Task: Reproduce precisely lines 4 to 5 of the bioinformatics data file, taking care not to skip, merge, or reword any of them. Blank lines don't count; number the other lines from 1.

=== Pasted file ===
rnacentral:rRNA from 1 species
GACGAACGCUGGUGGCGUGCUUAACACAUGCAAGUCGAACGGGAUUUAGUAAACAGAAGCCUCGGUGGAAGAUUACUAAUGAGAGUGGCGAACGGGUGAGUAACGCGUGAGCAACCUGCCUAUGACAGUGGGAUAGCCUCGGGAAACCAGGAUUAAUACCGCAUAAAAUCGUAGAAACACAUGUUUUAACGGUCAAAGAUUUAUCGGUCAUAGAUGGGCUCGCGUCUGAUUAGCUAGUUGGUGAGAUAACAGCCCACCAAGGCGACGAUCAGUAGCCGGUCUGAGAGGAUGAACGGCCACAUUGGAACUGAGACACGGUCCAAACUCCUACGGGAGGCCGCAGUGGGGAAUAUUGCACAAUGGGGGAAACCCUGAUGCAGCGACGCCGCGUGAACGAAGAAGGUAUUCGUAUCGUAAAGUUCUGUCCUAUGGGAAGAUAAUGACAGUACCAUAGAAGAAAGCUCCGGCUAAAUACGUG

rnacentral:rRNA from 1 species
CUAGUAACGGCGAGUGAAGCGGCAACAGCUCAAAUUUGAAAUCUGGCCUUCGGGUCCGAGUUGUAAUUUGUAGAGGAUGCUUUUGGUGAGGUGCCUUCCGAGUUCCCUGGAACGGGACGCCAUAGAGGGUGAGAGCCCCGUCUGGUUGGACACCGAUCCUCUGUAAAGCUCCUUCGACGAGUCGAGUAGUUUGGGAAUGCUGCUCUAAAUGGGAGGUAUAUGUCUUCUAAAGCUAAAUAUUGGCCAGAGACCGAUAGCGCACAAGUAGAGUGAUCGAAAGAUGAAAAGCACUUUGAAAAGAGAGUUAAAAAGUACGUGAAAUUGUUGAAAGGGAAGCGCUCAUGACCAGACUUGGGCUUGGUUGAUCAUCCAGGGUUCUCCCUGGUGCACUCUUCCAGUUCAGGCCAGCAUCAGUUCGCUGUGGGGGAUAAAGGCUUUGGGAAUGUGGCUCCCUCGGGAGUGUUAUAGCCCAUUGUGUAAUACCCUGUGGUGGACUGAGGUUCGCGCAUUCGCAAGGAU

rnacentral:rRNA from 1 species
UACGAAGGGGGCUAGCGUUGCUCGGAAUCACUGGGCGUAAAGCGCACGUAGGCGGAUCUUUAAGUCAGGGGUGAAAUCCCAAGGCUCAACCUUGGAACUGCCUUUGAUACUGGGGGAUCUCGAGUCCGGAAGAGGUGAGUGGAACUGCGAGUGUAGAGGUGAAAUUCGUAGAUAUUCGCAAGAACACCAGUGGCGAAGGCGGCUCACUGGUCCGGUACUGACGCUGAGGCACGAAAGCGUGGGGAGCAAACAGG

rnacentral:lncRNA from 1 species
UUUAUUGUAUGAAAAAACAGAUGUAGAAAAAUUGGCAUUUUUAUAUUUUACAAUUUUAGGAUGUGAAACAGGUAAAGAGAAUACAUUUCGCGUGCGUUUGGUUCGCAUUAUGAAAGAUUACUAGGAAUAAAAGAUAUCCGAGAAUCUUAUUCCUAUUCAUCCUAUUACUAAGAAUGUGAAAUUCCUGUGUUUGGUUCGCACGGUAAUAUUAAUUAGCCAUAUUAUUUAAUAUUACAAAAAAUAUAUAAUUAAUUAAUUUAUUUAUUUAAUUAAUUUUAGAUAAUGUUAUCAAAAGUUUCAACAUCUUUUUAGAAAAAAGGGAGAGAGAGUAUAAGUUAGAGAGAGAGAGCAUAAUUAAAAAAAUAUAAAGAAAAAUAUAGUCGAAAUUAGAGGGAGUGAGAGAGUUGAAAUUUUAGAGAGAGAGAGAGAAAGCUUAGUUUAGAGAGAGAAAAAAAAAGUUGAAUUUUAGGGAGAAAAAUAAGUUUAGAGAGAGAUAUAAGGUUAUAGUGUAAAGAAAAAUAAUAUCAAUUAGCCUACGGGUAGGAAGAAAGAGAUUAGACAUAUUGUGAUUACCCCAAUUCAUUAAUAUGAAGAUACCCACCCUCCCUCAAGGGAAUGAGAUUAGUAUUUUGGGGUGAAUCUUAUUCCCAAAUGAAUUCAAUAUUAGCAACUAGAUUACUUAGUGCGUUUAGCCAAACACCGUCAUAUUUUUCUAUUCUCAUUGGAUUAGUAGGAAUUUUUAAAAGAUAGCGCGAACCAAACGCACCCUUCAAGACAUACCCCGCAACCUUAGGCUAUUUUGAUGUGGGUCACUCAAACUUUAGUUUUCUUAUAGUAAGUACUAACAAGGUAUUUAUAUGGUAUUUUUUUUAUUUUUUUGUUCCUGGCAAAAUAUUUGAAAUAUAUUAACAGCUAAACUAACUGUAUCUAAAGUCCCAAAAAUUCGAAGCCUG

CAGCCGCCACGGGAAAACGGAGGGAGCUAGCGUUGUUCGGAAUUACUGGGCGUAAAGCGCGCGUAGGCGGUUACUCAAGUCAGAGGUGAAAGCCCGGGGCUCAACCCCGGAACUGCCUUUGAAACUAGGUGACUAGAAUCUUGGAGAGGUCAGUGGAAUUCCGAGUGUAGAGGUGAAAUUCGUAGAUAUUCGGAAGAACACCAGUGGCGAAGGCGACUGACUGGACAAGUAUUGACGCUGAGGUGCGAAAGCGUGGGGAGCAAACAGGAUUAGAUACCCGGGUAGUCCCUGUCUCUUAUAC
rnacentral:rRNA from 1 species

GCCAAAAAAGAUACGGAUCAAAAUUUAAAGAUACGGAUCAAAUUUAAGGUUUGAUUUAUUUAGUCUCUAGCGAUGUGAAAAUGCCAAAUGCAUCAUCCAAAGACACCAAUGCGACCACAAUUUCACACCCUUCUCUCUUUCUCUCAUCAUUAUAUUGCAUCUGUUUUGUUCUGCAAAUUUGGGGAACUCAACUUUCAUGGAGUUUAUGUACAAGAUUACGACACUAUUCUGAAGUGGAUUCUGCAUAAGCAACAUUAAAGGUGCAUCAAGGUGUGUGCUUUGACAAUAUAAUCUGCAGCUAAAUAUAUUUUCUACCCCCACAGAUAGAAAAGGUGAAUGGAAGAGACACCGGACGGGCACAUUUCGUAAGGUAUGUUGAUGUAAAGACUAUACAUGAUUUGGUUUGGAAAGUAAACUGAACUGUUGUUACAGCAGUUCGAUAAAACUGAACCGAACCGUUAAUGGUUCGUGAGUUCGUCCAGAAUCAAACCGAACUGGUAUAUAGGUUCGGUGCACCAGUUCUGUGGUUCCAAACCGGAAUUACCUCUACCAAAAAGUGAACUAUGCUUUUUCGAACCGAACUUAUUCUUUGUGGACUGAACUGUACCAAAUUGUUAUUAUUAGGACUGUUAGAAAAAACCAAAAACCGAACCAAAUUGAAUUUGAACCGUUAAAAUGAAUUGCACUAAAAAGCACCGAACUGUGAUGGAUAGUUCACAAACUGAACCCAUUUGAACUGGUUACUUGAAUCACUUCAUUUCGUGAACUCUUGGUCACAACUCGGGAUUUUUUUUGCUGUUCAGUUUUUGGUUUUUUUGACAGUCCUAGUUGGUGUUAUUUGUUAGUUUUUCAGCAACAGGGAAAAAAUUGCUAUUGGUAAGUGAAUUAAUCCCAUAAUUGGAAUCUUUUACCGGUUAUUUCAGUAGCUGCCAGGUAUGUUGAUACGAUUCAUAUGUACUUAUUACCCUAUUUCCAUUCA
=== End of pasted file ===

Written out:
CUAGUAACGGCGAGUGAAGCGGCAACAGCUCAAAUUUGAAAUCUGGCCUUCGGGUCCGAGUUGUAAUUUGUAGAGGAUGCUUUUGGUGAGGUGCCUUCCGAGUUCCCUGGAACGGGACGCCAUAGAGGGUGAGAGCCCCGUCUGGUUGGACACCGAUCCUCUGUAAAGCUCCUUCGACGAGUCGAGUAGUUUGGGAAUGCUGCUCUAAAUGGGAGGUAUAUGUCUUCUAAAGCUAAAUAUUGGCCAGAGACCGAUAGCGCACAAGUAGAGUGAUCGAAAGAUGAAAAGCACUUUGAAAAGAGAGUUAAAAAGUACGUGAAAUUGUUGAAAGGGAAGCGCUCAUGACCAGACUUGGGCUUGGUUGAUCAUCCAGGGUUCUCCCUGGUGCACUCUUCCAGUUCAGGCCAGCAUCAGUUCGCUGUGGGGGAUAAAGGCUUUGGGAAUGUGGCUCCCUCGGGAGUGUUAUAGCCCAUUGUGUAAUACCCUGUGGUGGACUGAGGUUCGCGCAUUCGCAAGGAU

rnacentral:rRNA from 1 species